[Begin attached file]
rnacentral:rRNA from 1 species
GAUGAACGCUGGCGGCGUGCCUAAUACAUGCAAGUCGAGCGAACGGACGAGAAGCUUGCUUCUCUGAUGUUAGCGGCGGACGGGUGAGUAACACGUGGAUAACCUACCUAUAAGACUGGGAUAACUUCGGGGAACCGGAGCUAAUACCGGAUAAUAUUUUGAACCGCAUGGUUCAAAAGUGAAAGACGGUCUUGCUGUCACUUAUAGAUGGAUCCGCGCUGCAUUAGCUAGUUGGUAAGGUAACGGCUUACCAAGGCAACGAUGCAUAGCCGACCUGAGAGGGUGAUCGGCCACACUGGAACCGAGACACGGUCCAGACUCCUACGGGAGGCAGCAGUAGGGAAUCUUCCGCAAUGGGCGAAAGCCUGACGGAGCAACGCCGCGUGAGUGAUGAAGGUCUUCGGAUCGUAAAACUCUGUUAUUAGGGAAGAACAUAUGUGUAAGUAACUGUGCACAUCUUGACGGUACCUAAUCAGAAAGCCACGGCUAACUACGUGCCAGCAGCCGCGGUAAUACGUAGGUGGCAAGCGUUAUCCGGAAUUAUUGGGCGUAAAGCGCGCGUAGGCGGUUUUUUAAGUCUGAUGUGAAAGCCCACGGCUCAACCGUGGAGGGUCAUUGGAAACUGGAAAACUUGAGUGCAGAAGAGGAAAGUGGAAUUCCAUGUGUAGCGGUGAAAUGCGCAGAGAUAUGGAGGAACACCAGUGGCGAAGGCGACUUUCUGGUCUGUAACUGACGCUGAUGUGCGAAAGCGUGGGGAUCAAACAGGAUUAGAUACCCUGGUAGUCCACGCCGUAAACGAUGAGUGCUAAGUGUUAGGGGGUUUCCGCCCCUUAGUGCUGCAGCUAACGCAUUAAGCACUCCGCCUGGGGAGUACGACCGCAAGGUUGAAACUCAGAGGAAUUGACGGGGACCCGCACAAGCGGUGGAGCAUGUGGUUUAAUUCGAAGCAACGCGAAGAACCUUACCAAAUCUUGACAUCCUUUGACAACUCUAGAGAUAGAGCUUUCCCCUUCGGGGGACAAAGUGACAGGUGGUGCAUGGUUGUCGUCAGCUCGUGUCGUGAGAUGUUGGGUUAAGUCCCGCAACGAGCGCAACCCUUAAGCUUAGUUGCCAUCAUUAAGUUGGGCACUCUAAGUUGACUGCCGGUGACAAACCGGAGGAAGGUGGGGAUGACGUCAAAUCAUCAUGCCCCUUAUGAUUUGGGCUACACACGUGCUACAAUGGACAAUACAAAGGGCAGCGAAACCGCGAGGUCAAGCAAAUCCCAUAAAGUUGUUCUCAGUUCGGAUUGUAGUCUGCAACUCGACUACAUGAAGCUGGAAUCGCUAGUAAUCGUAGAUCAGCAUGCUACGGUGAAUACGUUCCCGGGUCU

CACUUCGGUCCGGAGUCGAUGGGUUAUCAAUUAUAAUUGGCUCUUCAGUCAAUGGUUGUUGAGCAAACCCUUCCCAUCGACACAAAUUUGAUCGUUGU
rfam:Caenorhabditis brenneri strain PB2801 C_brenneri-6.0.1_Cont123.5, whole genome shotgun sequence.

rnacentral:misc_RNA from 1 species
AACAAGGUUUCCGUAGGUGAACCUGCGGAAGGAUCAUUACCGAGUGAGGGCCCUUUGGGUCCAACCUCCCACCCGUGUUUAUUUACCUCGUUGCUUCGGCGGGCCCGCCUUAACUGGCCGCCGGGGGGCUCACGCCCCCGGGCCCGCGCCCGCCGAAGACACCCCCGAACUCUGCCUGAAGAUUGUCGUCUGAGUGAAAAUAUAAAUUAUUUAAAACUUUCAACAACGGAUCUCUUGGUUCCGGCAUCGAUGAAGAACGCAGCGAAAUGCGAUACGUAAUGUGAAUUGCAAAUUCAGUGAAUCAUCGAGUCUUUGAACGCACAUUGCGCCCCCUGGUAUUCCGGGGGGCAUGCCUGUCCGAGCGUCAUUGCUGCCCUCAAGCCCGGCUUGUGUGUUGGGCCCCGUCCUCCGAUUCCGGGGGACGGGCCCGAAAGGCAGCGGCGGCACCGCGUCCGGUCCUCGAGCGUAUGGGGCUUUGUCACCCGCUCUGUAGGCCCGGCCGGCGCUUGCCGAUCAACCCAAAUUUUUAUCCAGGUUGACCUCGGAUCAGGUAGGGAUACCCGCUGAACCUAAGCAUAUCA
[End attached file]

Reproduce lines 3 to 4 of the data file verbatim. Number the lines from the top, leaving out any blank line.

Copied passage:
CACUUCGGUCCGGAGUCGAUGGGUUAUCAAUUAUAAUUGGCUCUUCAGUCAAUGGUUGUUGAGCAAACCCUUCCCAUCGACACAAAUUUGAUCGUUGU
rfam:Caenorhabditis brenneri strain PB2801 C_brenneri-6.0.1_Cont123.5, whole genome shotgun sequence.